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Official English rules
There are English rules by Reiner Knizia himself (the game's designer) and Kevin Jacklin. The current official version of them (Version 1.0, 20 February 1999) is downloadable here:
What if a player can't play a card?
It is possible that a player already has 3 cards at all unclaimed stones, and thus cannot play a card. The rules unfortunately don't address this case.
If you can't play a card, presumably you simply don't play a card - analogous to how if you can't draw a card (because the deck is empty), you simply don't draw a card.
By analogy with some other games, one might guess that the game should end with that player losing, or that the game should end with scoring based on stones claimed so far. But ending the game seems arguably wrong, since the rules do clearly say "The game ends immediately when one player has claimed three adjacent boundary-stones, or a total of any five boundary-stones." (And no other reason for ending the game is given.)
Note that if all unclaimed stones have 3 cards of both players at them, then each of those "full" stones can be claimed by somebody. So simply not playing a card in such a position won't lead to a deadlock.
A straight need not be played consecutively.
It's like a poker hand. The 3 cards of a straight don't have to be played consecutively. 2,3,4 is the same as 2,4,3. Published illustrated rules (e.g. German and Dutch versions) show examples of this.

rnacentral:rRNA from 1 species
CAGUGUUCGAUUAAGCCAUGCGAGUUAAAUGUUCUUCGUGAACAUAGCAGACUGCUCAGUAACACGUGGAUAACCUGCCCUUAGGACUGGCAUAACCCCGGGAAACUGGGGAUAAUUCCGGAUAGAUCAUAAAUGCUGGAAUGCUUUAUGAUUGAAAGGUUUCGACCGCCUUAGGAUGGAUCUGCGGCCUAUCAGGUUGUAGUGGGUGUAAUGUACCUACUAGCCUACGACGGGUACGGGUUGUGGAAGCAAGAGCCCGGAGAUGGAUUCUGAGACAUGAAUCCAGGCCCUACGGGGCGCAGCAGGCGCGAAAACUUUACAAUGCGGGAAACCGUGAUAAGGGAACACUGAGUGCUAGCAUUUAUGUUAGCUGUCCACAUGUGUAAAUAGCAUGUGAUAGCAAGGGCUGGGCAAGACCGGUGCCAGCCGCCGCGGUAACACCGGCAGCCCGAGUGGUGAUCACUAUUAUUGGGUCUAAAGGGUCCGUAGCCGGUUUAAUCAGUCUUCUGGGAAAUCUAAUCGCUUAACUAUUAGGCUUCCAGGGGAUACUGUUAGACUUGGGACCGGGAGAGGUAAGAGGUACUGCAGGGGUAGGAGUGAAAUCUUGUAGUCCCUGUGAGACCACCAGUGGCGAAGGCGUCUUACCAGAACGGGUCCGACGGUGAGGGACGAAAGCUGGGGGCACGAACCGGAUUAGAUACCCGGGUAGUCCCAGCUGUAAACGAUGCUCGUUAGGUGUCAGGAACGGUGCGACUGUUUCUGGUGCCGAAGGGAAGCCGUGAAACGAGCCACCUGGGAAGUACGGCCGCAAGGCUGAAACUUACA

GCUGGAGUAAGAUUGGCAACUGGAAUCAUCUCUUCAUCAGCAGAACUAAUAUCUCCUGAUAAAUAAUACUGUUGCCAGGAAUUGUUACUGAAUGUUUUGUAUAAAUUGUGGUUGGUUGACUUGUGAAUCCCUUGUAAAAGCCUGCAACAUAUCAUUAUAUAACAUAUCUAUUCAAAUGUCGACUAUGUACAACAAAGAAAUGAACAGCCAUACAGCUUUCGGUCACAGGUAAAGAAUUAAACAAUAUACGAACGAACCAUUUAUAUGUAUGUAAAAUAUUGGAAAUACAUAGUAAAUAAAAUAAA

You must have 3 cards at a stone to claim it.
In some cases you can logically prove that a stone will be yours even though you've only played 2 cards. E.g. you have 9-6 (wild rabble) and your opponent has 1-4 (provably weaker wild rabble).
Nonetheless you cannot yet claim the stone, because the English rules explicitly say that "you must have a complete three-card group on your side of the respective boundary-stone." You need to play a 3rd card before you can claim it.
You claim stones before playing a card.
The English rules explicitly say that "before you play your card, you may claim one or more boundary-stones."
Some rule translations (e.g. French) changed or mistranslated this, and Battle Line changed it to let you claim any time, with claiming at the start only as a suggested advanced rule.
Ties at a stone
In case of a tie at a stone (e.g. both players have 8-8-8), the player who completed their group first at that stone may claim the stone.
The proof to claim a stone can only use visible cards on the table.
The English rules say that "you may exclude cards already displayed face-up, but you may not use any information from your own hand." Thus even if the deck is empty, you cannot use the now certain knowledge of cards in the hands of you and your opponent as part of the proof.
Originally Schotten-Totten had no special action cards. Battle Line introduced them, calling them "Tactics Cards", after which some later editions of Schotten-Totten included them as an option.
Proofs and Action cards
Does the proof of a claimed stone need to take into account action cards (e.g. Fog) as well?
The rules for Battle Line say specifically (paragraph two under the header "Flags") : "Unplayed Tactics cannot prevent a Flag claim."
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